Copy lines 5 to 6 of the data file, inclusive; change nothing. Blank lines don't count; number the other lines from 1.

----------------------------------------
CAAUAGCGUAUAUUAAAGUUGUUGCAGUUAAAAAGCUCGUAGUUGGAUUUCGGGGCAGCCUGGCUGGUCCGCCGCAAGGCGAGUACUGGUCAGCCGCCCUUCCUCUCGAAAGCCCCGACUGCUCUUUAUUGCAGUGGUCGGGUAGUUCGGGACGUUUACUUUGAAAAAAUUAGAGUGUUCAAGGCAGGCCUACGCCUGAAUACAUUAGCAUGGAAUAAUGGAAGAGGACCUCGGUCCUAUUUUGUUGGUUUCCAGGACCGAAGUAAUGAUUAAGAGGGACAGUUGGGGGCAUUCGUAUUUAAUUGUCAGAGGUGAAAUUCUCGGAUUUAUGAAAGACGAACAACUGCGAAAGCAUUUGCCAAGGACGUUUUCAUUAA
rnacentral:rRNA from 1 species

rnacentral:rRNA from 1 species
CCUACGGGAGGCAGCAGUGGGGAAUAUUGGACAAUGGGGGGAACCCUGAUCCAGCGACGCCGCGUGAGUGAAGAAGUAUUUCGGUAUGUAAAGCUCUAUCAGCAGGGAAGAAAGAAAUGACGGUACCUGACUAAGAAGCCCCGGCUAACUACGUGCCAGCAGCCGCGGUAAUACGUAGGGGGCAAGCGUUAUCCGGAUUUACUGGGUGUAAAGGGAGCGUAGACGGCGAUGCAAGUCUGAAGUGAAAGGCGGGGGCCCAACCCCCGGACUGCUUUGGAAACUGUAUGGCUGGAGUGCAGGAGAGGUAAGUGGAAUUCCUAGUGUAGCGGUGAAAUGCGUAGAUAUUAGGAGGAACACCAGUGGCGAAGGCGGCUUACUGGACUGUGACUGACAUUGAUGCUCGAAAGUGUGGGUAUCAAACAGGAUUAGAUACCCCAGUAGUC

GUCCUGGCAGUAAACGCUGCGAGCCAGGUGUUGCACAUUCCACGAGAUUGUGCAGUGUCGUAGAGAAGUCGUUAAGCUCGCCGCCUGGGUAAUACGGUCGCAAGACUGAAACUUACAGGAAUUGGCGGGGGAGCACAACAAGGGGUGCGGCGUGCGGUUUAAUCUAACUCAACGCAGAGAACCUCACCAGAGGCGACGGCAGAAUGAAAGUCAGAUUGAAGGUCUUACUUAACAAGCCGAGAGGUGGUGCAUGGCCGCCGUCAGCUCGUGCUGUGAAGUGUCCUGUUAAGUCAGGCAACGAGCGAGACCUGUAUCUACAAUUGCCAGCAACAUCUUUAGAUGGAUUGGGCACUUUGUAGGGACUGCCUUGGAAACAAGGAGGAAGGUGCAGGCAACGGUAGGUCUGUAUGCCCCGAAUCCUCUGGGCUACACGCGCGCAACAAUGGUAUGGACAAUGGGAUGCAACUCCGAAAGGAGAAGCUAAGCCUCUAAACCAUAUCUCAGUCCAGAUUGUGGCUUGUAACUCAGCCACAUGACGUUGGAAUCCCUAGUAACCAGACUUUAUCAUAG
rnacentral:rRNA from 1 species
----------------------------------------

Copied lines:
GUCCUGGCAGUAAACGCUGCGAGCCAGGUGUUGCACAUUCCACGAGAUUGUGCAGUGUCGUAGAGAAGUCGUUAAGCUCGCCGCCUGGGUAAUACGGUCGCAAGACUGAAACUUACAGGAAUUGGCGGGGGAGCACAACAAGGGGUGCGGCGUGCGGUUUAAUCUAACUCAACGCAGAGAACCUCACCAGAGGCGACGGCAGAAUGAAAGUCAGAUUGAAGGUCUUACUUAACAAGCCGAGAGGUGGUGCAUGGCCGCCGUCAGCUCGUGCUGUGAAGUGUCCUGUUAAGUCAGGCAACGAGCGAGACCUGUAUCUACAAUUGCCAGCAACAUCUUUAGAUGGAUUGGGCACUUUGUAGGGACUGCCUUGGAAACAAGGAGGAAGGUGCAGGCAACGGUAGGUCUGUAUGCCCCGAAUCCUCUGGGCUACACGCGCGCAACAAUGGUAUGGACAAUGGGAUGCAACUCCGAAAGGAGAAGCUAAGCCUCUAAACCAUAUCUCAGUCCAGAUUGUGGCUUGUAACUCAGCCACAUGACGUUGGAAUCCCUAGUAACCAGACUUUAUCAUAG
rnacentral:rRNA from 1 species